It aims to help educate and create new interest among the veterinary community and pet lovers, in eliminating canine rabies around the world by 2030. The challenge is to do something you like 360 times (or in multiples of 360), such as walk 360 miles over two weeks, cycle 360 miles over 10 days, or do 3,600 steps a day. You can do it on your own or as a team.
MSD Animal Health employees are committed to walking up and down the three story office stairs over the course of September. The veterinary community is being asked to play their part and post their achievements on Twitter, Instagram, Facebook and/or LinkedIn using the hashtag #Rabies360Challenge. More information can be found on the MSD Animal Health website, here.
“Protecting our dogs from rabies also means protecting ourselves from this deadly disease,” said Luke Gamble, BVSc, DVM&S, FRCVS, founder of Mission Rabies. “On this World Rabies Day, only nine years away from the World Health Organisation goal of zero dog-mediated human rabies deaths by 2030, we’re calling on our generation to be the one to eliminate rabies and make this the final rabies generation.”
Each year, an estimated 59,000 people die from rabies, with over 99 percent of cases contracted from a dog bite. Additionally, 40 percent of those deaths occur in children of 15 years and under. This is in part because of low rates of canine vaccination in rabies-endemic areas and a lack of awareness about the disease. To prevent rabies transmission in rabies-endemic areas, at least 70 percent of the dogs there need to be protected through annual mass-vaccination.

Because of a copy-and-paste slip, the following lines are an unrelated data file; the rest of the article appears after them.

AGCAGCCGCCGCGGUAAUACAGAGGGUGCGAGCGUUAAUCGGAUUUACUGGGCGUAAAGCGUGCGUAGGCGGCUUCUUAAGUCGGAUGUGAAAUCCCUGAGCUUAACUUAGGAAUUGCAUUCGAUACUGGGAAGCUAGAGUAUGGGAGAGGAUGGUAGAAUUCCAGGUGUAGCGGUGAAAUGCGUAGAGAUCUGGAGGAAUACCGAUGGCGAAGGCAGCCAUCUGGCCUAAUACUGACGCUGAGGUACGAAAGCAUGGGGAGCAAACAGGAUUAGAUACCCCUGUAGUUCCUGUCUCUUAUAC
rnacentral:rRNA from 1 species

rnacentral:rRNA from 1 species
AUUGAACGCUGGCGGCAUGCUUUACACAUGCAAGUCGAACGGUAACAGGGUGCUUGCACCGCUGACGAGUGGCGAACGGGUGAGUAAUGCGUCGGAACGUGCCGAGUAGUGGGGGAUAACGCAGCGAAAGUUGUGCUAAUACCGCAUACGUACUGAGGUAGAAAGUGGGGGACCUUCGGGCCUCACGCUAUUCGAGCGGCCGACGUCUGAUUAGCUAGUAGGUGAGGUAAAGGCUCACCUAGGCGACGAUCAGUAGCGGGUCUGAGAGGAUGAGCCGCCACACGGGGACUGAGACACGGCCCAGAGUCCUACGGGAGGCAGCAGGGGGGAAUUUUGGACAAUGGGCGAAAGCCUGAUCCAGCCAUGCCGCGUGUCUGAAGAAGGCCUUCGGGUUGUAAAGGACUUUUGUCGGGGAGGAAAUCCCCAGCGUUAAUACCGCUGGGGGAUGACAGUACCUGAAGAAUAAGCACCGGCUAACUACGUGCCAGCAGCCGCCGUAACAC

“Working collaboratively with MSD Animal Health, governments, health organisations and communities has helped us make substantial headway to improve health for the people and canines that share our complex and ever-changing environment,” notes Felix Lankester, DVM, Ph.D., director of Rabies Free Africa. “In fact, in the last year there have been no reported rabies outbreaks in areas where 70 percent or more of the dogs have been vaccinated and no reported cases of canine rabies in the Serengeti wildlife.”
“Rabies and other zoonotic infectious diseases pose particular threats to global health security but can be managed or prevented through well-coordinated vaccination efforts,” said Ingrid Deuzeman, global marketing director of companion animal vaccines at MSD Animal Health. “With well over 3 million doses of the Nobivac Rabies vaccine donated globally, MSD Animal Health remains committed to collaborating with our public and private global partners to eliminate rabies through the Afya Program, which started as a regional research project by veterinarian Sarah Cleaveland.
“Countless veterinarians, volunteers and dog owners are hard at work every day to prevent rabies and as we celebrate our 25-years, we must celebrate all these individuals and organisations who have worked with us to save canine and human lives.”